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Plenary Lecture 7: Mathematics of social behavior

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Understanding Microbial Communities; Function, Structure and Dynamics

I will begin with a discussion and mathematical description of the two different types of social construction: `staying together’ and `coming together’ (or aggregation). Staying together means that individuals form larger units (complexes, groups) by not separating after reproduction (eg. ant colonies, most multicellular organisms), while coming together means that independent individuals form aggregates (eg. most animal groups, including humans). For each of these operations I will discuss its strengths and vulnerabilities in promoting social behavior, which will lead naturally into a discussion of the various mechanisms (and the relationships between them) that have been proposed to explain the evolution and maintenance of social behavior and cooperation: direct and indirect reciprocity, kin selection, group/multilevel selection, spatial structure, punishment/ostracism, rewards. I will discuss the theoretical frameworks in which these mechanisms are generally studied and for each mechanism I will present a simple model that captures the essence of how it can be described mathematically. Examples will be given from multicellularity, eusociality, bacterial biofilms, animal and human behavior.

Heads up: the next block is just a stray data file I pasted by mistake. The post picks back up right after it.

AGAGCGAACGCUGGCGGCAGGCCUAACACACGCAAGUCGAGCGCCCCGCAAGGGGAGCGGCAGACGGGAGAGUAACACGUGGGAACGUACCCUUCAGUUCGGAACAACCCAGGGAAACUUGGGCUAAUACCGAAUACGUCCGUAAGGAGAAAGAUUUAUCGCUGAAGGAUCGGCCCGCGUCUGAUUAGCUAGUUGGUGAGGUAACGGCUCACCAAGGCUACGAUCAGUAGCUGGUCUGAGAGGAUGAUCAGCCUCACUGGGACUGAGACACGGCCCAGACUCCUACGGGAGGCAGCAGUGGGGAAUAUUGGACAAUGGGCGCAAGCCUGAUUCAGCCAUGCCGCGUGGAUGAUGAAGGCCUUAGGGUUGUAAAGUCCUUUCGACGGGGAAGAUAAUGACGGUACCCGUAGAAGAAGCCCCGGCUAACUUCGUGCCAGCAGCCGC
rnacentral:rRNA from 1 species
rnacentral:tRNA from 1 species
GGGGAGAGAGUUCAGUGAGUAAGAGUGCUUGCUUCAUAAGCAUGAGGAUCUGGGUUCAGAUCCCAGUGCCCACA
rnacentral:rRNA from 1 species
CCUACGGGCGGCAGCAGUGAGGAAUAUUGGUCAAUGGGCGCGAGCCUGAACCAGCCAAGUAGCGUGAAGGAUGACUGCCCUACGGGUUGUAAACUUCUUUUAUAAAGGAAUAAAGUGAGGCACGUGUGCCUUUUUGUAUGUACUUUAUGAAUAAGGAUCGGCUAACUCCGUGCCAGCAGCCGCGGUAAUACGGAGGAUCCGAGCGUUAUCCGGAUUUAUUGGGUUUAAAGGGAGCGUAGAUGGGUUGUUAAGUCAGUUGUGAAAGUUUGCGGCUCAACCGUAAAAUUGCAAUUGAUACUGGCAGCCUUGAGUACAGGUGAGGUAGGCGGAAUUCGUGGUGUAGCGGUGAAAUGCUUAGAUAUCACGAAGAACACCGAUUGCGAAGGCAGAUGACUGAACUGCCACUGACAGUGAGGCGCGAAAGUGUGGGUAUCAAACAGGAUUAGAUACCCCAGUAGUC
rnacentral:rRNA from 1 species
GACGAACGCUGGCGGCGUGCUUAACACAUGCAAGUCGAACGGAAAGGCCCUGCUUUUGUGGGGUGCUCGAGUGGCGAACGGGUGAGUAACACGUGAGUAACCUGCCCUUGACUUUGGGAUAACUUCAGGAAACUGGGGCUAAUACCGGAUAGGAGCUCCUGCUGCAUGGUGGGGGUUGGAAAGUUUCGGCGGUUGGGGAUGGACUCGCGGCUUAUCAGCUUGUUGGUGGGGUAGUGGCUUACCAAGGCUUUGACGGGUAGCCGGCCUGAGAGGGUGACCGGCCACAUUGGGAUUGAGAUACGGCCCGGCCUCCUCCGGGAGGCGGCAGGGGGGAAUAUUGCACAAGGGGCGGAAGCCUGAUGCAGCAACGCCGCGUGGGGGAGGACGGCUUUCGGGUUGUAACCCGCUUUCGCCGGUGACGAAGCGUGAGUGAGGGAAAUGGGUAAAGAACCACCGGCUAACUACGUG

This talk is part of the Isaac Newton Institute Seminar Series series.

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